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head arbor are nice; prune them hard annually so they never overwhelm the trellis and admit plenty of light in winter.
Speaking of food, a little kitchen patch out back is an authentic French touch. Think about growing zucchini, tomatoes, beans and peppers in summer, fava beans and artichokes in winter and spring, and salad crops nearly year round.
I've been tempted by antique watering cans I've seen in local shops and flea markets. How can I tell if they are genuine antiques and also if they would be OK to use for gardening chores? — kylie roverts,ann arbor, mi
A Watering cans that actually are more than 100 years old are very rare. It's unlikely that you'd see one in a shop or a flea market—and certainly not more than one at a time. But galvanized-metal watering cans of a design that originated more than a century ago in Europe continued to be made in large numbers into the 1950s, and a few (notably Haws of England, whose products are available in the united States) are still made. Those "antique" galvanized cans made in Europe are what i mostly see for sale these days.They have an oval body and a long, narrow spout originating at the base of the can.They're closer to 50 years old than 100, and are priced from about $50 in flea markets to $100 and up in shops.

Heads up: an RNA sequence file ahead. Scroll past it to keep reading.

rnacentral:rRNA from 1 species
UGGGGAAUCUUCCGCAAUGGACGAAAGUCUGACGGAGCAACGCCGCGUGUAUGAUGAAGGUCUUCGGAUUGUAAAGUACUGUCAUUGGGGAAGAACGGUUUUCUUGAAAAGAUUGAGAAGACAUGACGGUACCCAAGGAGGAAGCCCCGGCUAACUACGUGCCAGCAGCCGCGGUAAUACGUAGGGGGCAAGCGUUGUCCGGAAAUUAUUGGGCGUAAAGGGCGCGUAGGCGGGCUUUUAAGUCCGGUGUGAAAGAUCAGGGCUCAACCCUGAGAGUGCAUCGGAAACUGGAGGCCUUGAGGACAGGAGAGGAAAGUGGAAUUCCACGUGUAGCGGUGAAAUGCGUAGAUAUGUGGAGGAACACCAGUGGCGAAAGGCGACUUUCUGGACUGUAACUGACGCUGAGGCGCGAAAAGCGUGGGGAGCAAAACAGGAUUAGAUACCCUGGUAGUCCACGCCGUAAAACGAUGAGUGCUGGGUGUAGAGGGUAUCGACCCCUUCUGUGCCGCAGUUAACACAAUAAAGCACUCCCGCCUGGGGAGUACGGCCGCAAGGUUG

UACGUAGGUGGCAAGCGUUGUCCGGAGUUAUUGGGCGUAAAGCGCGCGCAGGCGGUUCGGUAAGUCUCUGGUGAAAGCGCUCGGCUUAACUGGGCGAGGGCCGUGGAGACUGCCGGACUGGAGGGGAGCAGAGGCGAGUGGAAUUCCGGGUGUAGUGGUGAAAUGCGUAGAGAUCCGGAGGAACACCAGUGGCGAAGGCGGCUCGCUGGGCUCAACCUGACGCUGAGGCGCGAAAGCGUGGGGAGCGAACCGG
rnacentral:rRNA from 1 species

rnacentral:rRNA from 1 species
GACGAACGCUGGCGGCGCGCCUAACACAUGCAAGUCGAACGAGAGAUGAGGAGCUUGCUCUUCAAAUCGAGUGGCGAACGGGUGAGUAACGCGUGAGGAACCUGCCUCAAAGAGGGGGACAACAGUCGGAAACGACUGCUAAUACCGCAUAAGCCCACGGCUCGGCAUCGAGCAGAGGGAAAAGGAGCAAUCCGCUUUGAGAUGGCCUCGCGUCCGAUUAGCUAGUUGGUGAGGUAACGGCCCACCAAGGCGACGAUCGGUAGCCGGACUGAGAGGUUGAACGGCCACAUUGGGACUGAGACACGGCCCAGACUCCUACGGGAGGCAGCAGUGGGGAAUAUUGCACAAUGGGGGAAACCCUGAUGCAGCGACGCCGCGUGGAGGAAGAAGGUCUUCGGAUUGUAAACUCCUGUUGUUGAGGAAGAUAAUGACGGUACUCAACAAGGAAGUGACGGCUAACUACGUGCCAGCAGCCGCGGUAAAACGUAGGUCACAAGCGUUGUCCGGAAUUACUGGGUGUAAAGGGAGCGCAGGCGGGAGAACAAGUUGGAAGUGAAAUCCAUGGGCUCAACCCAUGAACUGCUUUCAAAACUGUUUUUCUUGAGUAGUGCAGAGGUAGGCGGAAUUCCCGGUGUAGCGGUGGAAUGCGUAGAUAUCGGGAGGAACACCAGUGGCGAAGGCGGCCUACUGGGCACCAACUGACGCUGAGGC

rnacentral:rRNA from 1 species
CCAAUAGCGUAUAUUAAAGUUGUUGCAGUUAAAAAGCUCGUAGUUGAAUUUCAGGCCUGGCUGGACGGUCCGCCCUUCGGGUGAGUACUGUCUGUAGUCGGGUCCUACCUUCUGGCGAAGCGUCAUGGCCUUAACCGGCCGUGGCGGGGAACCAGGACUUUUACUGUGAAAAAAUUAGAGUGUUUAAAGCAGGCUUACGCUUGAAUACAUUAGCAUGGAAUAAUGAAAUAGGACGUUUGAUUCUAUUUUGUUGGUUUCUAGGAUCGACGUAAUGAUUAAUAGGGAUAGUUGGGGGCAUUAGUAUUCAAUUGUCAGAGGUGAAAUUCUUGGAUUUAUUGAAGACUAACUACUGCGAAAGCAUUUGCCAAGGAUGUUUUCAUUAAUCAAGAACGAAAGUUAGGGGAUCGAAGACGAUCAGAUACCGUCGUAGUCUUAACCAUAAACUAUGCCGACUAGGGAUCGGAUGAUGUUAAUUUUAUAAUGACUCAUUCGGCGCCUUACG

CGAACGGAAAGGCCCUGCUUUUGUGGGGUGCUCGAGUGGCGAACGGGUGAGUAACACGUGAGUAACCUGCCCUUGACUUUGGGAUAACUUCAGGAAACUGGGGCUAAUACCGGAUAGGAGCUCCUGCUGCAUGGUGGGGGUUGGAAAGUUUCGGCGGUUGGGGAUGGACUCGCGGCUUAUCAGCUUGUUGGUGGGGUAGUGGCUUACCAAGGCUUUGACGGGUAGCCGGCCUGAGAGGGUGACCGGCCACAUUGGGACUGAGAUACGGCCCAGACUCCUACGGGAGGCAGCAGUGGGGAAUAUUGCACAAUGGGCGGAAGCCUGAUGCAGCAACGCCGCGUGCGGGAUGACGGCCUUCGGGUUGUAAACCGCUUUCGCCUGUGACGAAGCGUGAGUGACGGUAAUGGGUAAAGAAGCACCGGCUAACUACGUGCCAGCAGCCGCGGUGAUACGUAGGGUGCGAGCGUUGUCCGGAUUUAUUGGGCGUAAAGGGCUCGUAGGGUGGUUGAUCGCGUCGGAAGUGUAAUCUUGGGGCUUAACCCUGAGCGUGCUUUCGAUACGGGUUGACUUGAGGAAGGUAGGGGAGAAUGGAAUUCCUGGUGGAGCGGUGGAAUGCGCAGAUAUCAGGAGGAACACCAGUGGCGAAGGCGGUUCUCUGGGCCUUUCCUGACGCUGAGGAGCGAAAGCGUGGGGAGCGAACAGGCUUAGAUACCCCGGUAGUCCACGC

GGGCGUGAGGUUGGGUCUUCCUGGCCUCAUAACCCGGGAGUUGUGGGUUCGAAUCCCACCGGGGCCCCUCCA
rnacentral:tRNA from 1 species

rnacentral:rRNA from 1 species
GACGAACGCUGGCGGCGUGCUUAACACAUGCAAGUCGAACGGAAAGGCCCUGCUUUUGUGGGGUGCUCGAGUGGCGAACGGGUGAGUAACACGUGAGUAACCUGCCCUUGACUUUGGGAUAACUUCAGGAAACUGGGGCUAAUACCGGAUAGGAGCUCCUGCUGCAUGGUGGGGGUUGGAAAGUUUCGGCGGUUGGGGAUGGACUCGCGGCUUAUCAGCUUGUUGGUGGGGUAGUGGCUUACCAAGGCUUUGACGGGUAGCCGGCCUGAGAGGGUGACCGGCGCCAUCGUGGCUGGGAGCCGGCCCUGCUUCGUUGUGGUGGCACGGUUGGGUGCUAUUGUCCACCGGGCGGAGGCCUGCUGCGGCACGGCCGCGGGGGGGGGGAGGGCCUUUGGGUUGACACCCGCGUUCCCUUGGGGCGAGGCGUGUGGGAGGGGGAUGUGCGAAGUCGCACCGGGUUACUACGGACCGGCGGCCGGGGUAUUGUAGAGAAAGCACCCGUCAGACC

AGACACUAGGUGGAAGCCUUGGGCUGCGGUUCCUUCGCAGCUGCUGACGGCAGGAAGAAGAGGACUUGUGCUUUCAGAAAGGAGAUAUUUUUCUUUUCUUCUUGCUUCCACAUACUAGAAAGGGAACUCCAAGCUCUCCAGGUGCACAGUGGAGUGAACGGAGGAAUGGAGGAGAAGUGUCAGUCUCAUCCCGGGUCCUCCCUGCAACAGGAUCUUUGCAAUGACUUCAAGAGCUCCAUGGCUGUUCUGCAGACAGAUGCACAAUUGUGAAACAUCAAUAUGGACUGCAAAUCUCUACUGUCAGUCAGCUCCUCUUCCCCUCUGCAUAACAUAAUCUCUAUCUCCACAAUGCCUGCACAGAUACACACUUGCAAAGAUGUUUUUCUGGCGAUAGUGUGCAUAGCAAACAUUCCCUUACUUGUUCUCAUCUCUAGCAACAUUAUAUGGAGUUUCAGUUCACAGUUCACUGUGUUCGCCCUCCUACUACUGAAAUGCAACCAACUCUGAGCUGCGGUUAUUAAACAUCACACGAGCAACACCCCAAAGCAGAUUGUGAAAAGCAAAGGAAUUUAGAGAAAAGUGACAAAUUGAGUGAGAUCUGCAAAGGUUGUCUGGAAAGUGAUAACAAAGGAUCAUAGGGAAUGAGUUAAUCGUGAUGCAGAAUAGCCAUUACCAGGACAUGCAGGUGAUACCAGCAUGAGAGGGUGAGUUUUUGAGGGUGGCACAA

Old watering cans for that kind of money certainly should be usable in the garden. Check one out before buying. Beyond holding water, it should show no rust inside or cracks in the seams. The handle and neck brace should be solid.The rose (where the water comes out) should still be removable, not soldered in place; should fit tightly, with minimal leaks; and should be able to deliver a gentle shower.
Ask for a demonstration with water (or a no-questions-asked return policy) before you buy a high-priced can. Or get a brand-new one from Haws (www.haws.co.uk) or a reproduction from India or Eastern Europe. A new can will soon develop the patina of age that you like and should have a long, useful life.
QQ I would like a flowering evergreen tree to make into a topiary at the approach to our front door. It needs to take full morning sun. (We tried a camellia but it didn't do well.) — diane richzer, myrtle beach,sc
,A Teddy Bear® magnolia, with big glossy leaves, fuzzy brown undersides and large white flowers, would be magnificent.You could prune it into a cone about 10 feet tall
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